The Eagles shouldn’t be at that point yet—win on MNF and they’d be 4-4 with seven of their remaining eight games against NFC East teams and a win over the Giants already in their back pocket. Even if New York does beat Pittsburgh on Sunday, Philly can feel good about their chances if they win this game.

And if Andy Reid commits running the ball with LeSean McCoy, I like Philadelphia’s chances. An effective running game takes some heat off Vick. It reduces his opportunities for turnovers just based on volume of times handling the ball and it reduces the pressure he’d feel to force plays when nothing is there.

New Orleans is pretty cut-and-dried—the passing game hasn’t suffered, as Drew Brees is still putting up big numbers, but this team does nothing else well. Brees has become a glorified Fantasy quarterback and nothing more this year. In some games that will be enough. It was against San Diego in a prime-time home game earlier this year and it could be on MNF against another opponent dealing with dysfunction.

I’d like to believe in Reid—his track record of success speaks for itself. But most coaches run their course in a certain venue and it looks like he’s run his in Philly. His team would have to drastically improve on defense, Vick would have to play his second straight turnover-free game and Reid would have to go against his own tendencies in focusing on McCoy. That’s a lot to ask for and New Orleans is desperate and playing at home. Take the Saints in the game whose Over/Under of 52.5 is the highest projected point total on the Week 9 board.

Sunday Night (NBC): Dallas-Atlanta—The Cowboys can win this game, get to 4-4 and save their own season in the process, but somewhere along the line Jason Garrett has got to commit to running the ball. I know it’s not easy—Demarco Murray missed last week and is still doubtful for this week and now Felix Jones may also be out.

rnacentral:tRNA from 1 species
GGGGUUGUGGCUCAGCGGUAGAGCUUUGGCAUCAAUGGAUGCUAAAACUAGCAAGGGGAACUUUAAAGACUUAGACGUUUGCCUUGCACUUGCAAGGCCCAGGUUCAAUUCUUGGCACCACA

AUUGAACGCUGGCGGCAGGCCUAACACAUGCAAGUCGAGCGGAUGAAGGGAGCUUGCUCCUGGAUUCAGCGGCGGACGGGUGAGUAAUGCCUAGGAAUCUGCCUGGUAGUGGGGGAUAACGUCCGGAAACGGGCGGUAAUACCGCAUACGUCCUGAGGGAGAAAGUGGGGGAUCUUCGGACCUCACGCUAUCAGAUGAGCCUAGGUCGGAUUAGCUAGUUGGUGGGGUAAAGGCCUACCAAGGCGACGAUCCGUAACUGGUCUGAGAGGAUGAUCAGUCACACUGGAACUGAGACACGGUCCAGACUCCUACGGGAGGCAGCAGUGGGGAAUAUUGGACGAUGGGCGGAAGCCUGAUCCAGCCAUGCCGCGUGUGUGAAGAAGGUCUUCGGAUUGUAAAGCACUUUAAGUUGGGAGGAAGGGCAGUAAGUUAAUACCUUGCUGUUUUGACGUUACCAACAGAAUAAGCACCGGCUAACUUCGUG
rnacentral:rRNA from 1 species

But it’s hardly unusual for an unknown back to step up and have a good game. And even if the third-stringer, Philip Tanner doesn’t have a good game, Dallas needs to at least run it 20 times and give the opponent something to think about. Green Bay has followed that path with Alex Green and Dallas needs to do the same.

If it becomes a shootout Atlanta will win. They have better weapons at receiver with Roddy White and Julio Jones, and can at least match Dallas’ playmakers on the defensive side of the ball. But this is another intangibles game—the Cowboys, like the Eagles, are playing for their season and perhaps their coach’s job. The Falcons, at 7-0 are not like the Saints. Atlanta’s got plenty of room to breathe and I don’t see the same flat-out dysfunction in Dallas that I do in Philadelphia. I’m going to give the Cowboys one more week of the benefit of the doubt and say they pull off the road upset as a four-point underdog.

Early Sunday Afternoon: Carolina-Washington (Fox)—Most of the southern part of the country will watch RG3 and Cam Newton do battle. Robert Griffin III is losing his receivers left and right—first tight end Fred Davis, now wideout Pierre Garcon. Maybe that’s why the ‘Skins have felt compelled to try and get their star quarterback open on trick gadget plays where he goes down the sideline.